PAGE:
Propranolol is effective at blocking the hyperadrenergic manifestations of thyrotoxicosis. Propranolol is a nonselective beta blocker that crosses the blood-brain barrier and is known to decrease the conversion of T4 to T3. Although antipyretic agents should also be administered, aspirin is generally avoided as it may displace thyroid hormone from thyroid binding globulin and exacerbate symptoms. Bromocriptine is a dopamine agonist that is used in treatment of neuroleptic malignant syndrome. Dantrolene expresses excitation-contraction coupling in skeletal muscle by acting as a receptor antagonist to the ryanodine receptor and is the treatment for malignant hyperthermia. Neuroleptic malignant syndrome and malignant hyperthermia are hypermetabolic states that can present similarly to thyrotoxicosis (tachycardia, hyperthermia, altered mental status) but also more commonly result in muscle rigidity, metabolic acidosis, and hypercarbia.
A 48-year-old woman with a history of Grave’s disease undergoes an urgent appendectomy. Fours hours after surgery she is found to have altered mental status and diaphoresis. Her vital signs are:
On physical examination there is no evidence of rigidity. ABG shows:
TSH is <0.01 µg U/mL. Two liters of normal saline and intravenous propranolol are administered.
Which of the following medications is NOT indicated for immediate treatment in this patient?
This patient has thyrotoxicosis (thyroid storm), an acute, life-threatening hypermetabolic state of excessive thyroid hormone. Management is supportive and aimed at blocking further hormone synthesis, release, and peripheral conversion. This thyroid hormone blockade has been referred to as the four ‘Bs’: Beta-blockade; Block synthesis (ie antithyroid drugs); Block release (ie iodine); Block conversion of T4 into T3 (propranolol, corticosteroids).
Thyroid hormone synthesis can be inhibited by either the drugs propylthiouracil (PTU) or methimazole, which prevent the enzyme thyroid peroxidase from iodination of tyrosine residues on thyroglobulin. PTU also inhibits the peripheral conversion of T4 to T3. Even if synthesis is blocked, the thyroid gland still contains stores of thyroid hormone and will continue to release it for days to weeks. To suppress thyroid hormone release, large doses of iodine can be administered. Either potassium iodine or sodium iodine can be used. However, if iodine is administered before blocking thyroid hormone synthesis with an antithyroid agent, it will merely be incorporated into further thyroid hormone production. Therefore, iodine should not be administered for at least 1 hour after PTU or methimazole. Corticosteroids (hydrocortisone) inhibit peripheral conversion of T4 into T3. Moreover, many patients in thyroid storm also have suppression of the HPA axis and are adrenally insufficient.
A 65-year-old woman is admitted to the ICU after being found down at home. Her only medical history is a remote history of Grave’s disease and thyroid ablation. Vital signs are:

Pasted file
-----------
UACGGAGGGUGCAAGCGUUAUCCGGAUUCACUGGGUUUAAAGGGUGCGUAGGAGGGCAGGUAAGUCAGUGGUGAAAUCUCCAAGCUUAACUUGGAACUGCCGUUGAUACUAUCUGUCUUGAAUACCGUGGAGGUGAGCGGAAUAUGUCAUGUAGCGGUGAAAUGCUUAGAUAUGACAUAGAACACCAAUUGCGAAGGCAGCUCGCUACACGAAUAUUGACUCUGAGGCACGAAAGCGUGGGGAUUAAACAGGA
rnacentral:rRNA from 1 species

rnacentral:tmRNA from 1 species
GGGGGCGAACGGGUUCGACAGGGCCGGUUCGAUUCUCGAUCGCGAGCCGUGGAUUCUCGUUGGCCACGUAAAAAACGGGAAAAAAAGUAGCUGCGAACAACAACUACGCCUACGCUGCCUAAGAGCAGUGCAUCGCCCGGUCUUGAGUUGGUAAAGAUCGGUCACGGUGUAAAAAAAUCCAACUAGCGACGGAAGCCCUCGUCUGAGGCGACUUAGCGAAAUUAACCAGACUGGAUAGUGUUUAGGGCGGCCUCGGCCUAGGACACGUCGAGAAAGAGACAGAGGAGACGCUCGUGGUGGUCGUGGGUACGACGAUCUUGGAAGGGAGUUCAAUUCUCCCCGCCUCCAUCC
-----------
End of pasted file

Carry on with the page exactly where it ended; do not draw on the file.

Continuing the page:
On physical examination she obtunded, and brittle hair, macroglossia, and periorbital edema are noted. An ABG shows:
She is intubated for airway protection ventilatory support. Urine, sputum, and blood cultures are sent, and she is treated with broad spectrum antibiotics. Thyroid function tests are sent and she is started on IV levothyroxine.
Which of the following additional therapies is most appropriate at this time?
This patient is in myxedema coma. It is often the result of prolonged noncompliance with thyroid supplementation in the face of absent thyroid function, such as following thyroid ablation. Triggers of myxedema coma include physiologic stresses such as MI and sepsis. Certain drugs that can cause hypothyroidism include amiodarone, propylthiouracil, lithium, and sulfonamides. The hallmark of myxedema is altered mental status and hypothermia, with associated bradycardia and hypotension. On physical examination these patients may have brittle hair, macroglossia, and generalized edema. Laboratory studies of patients with myxedema coma patients may reveal a low PaO2 , high PaCO2 (from blunted respiratory responses), hyponatremia (from impaired free water excretion), hypoglycemia (from hypothyroidism alone or from concomitant adrenal insufficiency), and elevated CPK levels. TSH will also be significantly elevated.
The treatment of myxedema coma should begin based on clinical suspicion and should not await laboratory confirmation. The primary treatment is IV thyroxine, with a loading dose followed by daily administration. Unsuspected adrenal insufficiency is frequently coexisting, and all patients with myxedema coma should also empirically receive hydrocortisone. Insulin administration is not indicated as these patients are commonly hypoglycemic and require supplemental glucose. There is no role for iodine in this patient who has undergone complete thyroid ablation and is receiving IV levothyroxine. Moreover, patients with some intrinsic thyroid function generally do not develop myxedema coma, and the giving high-dose iodine can inhibit thyroid hormone release. Although these patients are profoundly hypothermic, active rewarming is avoided as it can cause peripheral vasodilation and may lead to worsening hypotension and potentially cardiovascular collapse. Passive rewarming is preferred.